Linklaters to relegate real estate, litigation

Corporate and finance take centre stage as firm refocuses on key global clients

Linklaters is set to forge ahead with a dual push in corporate and finance at the expense of future investment in its real estate and litigation departments. The move is part of a refocusing of the firm's business on a number of core clients.
Linklaters managing partner Tony Angel told The Lawyer: “We're aligning the firm around target clients. We're not going to be a shop where we provide a lot of products. There are target clients and we want to get close to them.”
Another source close to Linklaters said: “This is a directional issue. The firm can't expand in every area and you have to be realistic about where it's positioned.”
The source added that the firm would shift its focus away from general commercial work and real estate, where there was too much price competition, while litigation would work more closely with the corporate and finance departments as part of the new client initiative.
However, Linklaters' decision to put the brakes on its real estate department is a particular surprise.
Over the past financial year, the firm topped the rest of the magic circle in terms of the contribution that real estate made to its overall turnover. According to The Lawyer 100, Linklaters grossed £50m in real estate last year, which made up 7.9 per cent of its overall revenue of £631m.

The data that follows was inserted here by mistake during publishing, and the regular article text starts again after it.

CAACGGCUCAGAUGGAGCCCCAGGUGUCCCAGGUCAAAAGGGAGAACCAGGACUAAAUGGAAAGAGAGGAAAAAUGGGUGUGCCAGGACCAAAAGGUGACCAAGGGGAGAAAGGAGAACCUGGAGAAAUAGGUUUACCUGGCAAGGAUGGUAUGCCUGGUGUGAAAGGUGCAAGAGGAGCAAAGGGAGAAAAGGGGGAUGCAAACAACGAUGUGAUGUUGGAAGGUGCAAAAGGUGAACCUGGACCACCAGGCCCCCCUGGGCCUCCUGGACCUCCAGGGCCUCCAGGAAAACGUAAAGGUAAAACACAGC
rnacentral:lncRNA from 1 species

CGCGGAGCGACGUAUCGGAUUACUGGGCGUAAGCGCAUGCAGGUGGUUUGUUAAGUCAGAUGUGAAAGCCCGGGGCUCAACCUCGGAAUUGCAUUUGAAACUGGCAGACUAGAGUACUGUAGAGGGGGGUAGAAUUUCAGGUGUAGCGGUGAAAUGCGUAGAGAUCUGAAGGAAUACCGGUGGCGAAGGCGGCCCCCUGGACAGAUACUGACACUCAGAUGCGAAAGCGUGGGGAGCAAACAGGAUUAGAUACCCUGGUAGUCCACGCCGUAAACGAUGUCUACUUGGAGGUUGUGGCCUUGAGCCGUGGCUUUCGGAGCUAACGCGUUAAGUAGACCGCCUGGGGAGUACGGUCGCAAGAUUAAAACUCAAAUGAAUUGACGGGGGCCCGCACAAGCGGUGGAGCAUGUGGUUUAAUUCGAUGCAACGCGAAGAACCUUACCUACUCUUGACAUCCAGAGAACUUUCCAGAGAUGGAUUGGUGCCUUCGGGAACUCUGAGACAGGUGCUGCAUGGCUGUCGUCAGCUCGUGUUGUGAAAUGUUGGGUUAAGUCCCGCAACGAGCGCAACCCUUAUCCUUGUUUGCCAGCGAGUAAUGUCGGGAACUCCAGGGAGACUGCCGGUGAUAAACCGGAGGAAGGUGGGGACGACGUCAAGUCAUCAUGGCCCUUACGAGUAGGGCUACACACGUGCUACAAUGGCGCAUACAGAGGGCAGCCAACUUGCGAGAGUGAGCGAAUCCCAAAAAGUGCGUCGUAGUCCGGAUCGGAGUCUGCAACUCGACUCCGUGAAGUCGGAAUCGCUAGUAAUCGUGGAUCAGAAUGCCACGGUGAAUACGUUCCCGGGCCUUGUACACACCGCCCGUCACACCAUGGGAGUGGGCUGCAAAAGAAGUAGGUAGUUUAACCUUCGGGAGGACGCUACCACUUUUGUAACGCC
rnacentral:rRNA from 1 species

In contrast, Clifford Chance derived 7 per cent of its revenue from real estate, Freshfields Bruckhaus Deringer 5 per cent and Allen & Overy 3 per cent.
Over the past couple of years, Linklaters' real estate arm has built up a solid reputation, acting on deals such as BP Pension Fund's sale of the Berkeley Square Estate and on the development of Swiss Re's headquarters.
Litigation generated 14.5 per cent, or £94m, of Linklaters' global turnover during 2001-02, compared with £50m, or 10 per cent of the firm's gross revenues, in the previous year.
One source said that over the past 18 months the relationship between litigation and corporate had widened, but the firm was now hoping to re-establish closer referral links between the two.
Angel said the litigation and real estate departments grew satisfactorily last year; and while the firm was being cautious with its budget this year, it was not planning to cut back on specific areas.